As the college football world, and the sports world as a whole, mourns the death of ESPN college football analyst Beano Cook, we take some time to look at the words being said about a man who spent his life watching, loving and discussing college football. Cook died overnight at the age of 81.
ESPN's Ivan Maisel wrote a touching story about the friendship he built with Cook as the pair conducted the ESPNU College Football Podcast together for the past six years:
You see, Beano may have been an expert on the history of college football from 1930 to 1990, but he showed his real expertise in friendship. He collected friends like some people collect stamps. He didn't marry - even though he might have given up college football for Stefanie Powers, the 1980s television star - and never had children.
But Beano cared about the people around him. He asked questions. I am not the only one at ESPN who had that kind of relationship with him. Mel Kiper Jr. did. Howie Schwab did. I am sure there are others.
He always asked me what other writers had been at the game I covered the previous Saturday. "I don't miss the game," he said. "I miss the hanging out."
Tim Brando of CBS Sports spilled tears on his microphone as he tried to find the words to say about his recently passed friend. Brando learned of Cook's death while on the air and had to collect himself in order to get back on and finish his show, emotions overwhelming him as the news sunk in.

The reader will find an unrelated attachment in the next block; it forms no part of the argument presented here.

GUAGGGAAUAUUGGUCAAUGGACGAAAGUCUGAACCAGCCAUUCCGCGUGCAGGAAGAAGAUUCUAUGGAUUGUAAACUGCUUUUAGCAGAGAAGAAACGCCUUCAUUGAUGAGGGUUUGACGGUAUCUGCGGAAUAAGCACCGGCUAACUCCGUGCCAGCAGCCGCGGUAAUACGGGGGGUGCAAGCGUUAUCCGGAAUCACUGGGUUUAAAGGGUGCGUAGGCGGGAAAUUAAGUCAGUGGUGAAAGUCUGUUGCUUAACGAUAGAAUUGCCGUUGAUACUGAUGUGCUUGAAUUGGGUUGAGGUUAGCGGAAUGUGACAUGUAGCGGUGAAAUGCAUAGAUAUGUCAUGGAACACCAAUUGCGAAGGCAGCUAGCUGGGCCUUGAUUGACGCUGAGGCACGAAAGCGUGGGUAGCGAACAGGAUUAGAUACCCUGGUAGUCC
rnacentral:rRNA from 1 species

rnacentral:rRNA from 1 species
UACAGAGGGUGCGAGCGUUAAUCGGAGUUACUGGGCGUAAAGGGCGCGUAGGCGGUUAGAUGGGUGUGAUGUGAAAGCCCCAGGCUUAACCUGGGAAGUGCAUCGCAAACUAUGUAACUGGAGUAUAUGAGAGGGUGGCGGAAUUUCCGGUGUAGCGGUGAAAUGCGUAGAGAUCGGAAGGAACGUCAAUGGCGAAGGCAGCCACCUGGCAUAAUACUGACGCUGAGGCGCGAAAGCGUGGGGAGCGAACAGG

Tim Hyland of Black Shoe Diaries penned an ode to Cook, calling him "The Greatest Commissioner College Football Never Had," while providing some insight into the man that many young fans may not know about or appreciate:
Because, you see, the great Beano Cook, for all his quirks and all of his occasionally misguided views, brought to the college football airwaves precisely the one thing that College Football Nation needed to hear, perhaps today more than ever: Perspective.
Real, enduring, honest perspective.
If you are not all that familiar with Beano's work - which is quite possible, especially if you're young, which I no longer am - you should just know this much: More than any other commentator in the sport, Beano understood what the game of college football was, and what it was supposed to be.
Football Study Hall said he was unique, genuine and a college football encyclopedia.
All great words about a great college football mind and ambassador.
Beano Cook, dead at age 81.